Los Angeles
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Temple Beth Am, Los Angeles’ third-oldest Conservative synagogue, told congregants it would be moving its Saturday afternoon Shabbat services this weekend due to safety concerns over a pro-Palestinian protest happening at a nearby park.

In an email sent to the community on Thursday, Rabbi Adam Kligfeld and temple president Mark Samuel said that “out of an abundance of caution,” afternoon services would be moved to a private home. But they stressed that the synagogue did not make the decision lightly.

“I don’t remember a more agonizing decision,” Kligfeld wrote in the email, which was obtained by the Jewish Telegraphic Agency. “On one hand, not that much is at stake. This was not Kol Nidre or a bar/bat mitzvah or even ‘normal’ Shabbat AM service, times during which hundreds of people are on our campus happily and unselfconsciously and proudly doing Judaism. This was about ‘only’ the 12-16 people or so who normally show up for Shabbat afternoon services and learning. Not that momentous.”

He continued: “On the other hand, it felt hugely momentous. In 2023? In the city of Los Angeles? A Jewish community even considering not holding religious services at their own synagogue because of a looming threat posed by a rally that has a very good chance of spilling from pro-Palestinian rhetoric to virulently anti-Zionist and dangerously antisemitic? It boggles the mind that that is where we are in modern America. But it is where we are.”

The rally is being billed as “Black and Palestinian Solidarity for a Ceasefire this Christmas” and was scheduled for Saturday at 3 p.m. in La Cienega Park, which is just a few minutes’ walk from the synagogue located in L.A.’s heavily Jewish Pico-Robertson neighborhood.

In the email, Kligfeld referenced the recent slew of antisemitic incidents in the L.A. area, including the death of pro-Israel protestor Paul Kessler, who was fatally injured during an altercation during dueling pro-Israel and pro-Palestinian rallies in the suburb of Thousand Oaks in early November. A man has been charged with involuntary manslaughter in the case.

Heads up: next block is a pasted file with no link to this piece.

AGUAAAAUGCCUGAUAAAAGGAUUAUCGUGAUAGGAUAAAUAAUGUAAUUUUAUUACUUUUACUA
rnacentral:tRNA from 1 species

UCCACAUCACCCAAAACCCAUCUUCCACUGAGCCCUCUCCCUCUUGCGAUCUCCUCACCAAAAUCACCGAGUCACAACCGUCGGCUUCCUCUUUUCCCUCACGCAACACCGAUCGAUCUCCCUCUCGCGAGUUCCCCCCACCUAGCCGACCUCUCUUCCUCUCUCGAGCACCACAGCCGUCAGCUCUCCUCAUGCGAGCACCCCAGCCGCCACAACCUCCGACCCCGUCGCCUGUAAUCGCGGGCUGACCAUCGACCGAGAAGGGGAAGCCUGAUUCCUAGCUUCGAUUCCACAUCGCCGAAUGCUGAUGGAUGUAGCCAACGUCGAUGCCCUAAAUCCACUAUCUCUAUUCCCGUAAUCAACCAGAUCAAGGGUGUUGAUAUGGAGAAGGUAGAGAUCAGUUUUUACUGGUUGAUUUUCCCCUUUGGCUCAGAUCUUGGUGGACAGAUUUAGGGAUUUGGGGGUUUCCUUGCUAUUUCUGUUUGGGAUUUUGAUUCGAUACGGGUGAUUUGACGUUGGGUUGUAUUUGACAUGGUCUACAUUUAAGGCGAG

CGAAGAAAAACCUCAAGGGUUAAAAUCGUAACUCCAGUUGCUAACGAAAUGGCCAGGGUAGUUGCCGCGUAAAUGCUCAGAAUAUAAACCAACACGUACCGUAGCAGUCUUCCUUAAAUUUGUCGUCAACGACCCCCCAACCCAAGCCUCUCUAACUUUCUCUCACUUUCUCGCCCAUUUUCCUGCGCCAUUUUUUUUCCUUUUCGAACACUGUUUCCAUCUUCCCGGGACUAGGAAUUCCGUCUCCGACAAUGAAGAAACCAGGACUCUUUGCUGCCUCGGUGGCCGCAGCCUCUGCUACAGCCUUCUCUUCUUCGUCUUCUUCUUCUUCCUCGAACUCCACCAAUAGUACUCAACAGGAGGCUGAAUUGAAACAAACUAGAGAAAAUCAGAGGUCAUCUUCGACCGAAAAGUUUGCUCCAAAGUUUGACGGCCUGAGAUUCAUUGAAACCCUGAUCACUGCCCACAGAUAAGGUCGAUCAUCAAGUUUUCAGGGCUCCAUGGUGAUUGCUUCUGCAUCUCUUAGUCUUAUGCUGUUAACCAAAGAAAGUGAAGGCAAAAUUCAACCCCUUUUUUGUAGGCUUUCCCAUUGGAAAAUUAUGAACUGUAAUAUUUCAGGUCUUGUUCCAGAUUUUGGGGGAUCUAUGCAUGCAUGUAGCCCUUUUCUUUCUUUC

In addition to Kessler’s death, there have been numerous other incidents since the Israel-Hamas war broke out on Oct. 7 that have rattled the L.A. Jewish community — including a hate crime against a Jewish man on his way to synagogue in Beverly Hills, a charter school housed at a synagogue teaching students that Israel was committing genocide, and a break-in at a Jewish family’s home that was also investigated as a hate crime.

Kligfeld also acknowledged that “during the conversation we had about this, many expressed discomfort with the notion of cowering, rather than representing.” He encouraged his congregants to “respond to this moment … by having a large and robust crowd.”

The Jewish Federation of Greater Los Angeles said it is monitoring the situation. “We are disheartened and saddened that Jewish ritual observances have to be moved out of an abundance of caution. We continue to hope and pray for peace,” the organization said in a statement to the Jewish Journal.

Temple Beth Am is not the first synagogue to have its Shabbat services disrupted by pro-Palestinian protests. A Melbourne, Australia, synagogue was evacuated by police during Shabbat services last month after a violent turn at a major protest in an adjacent park.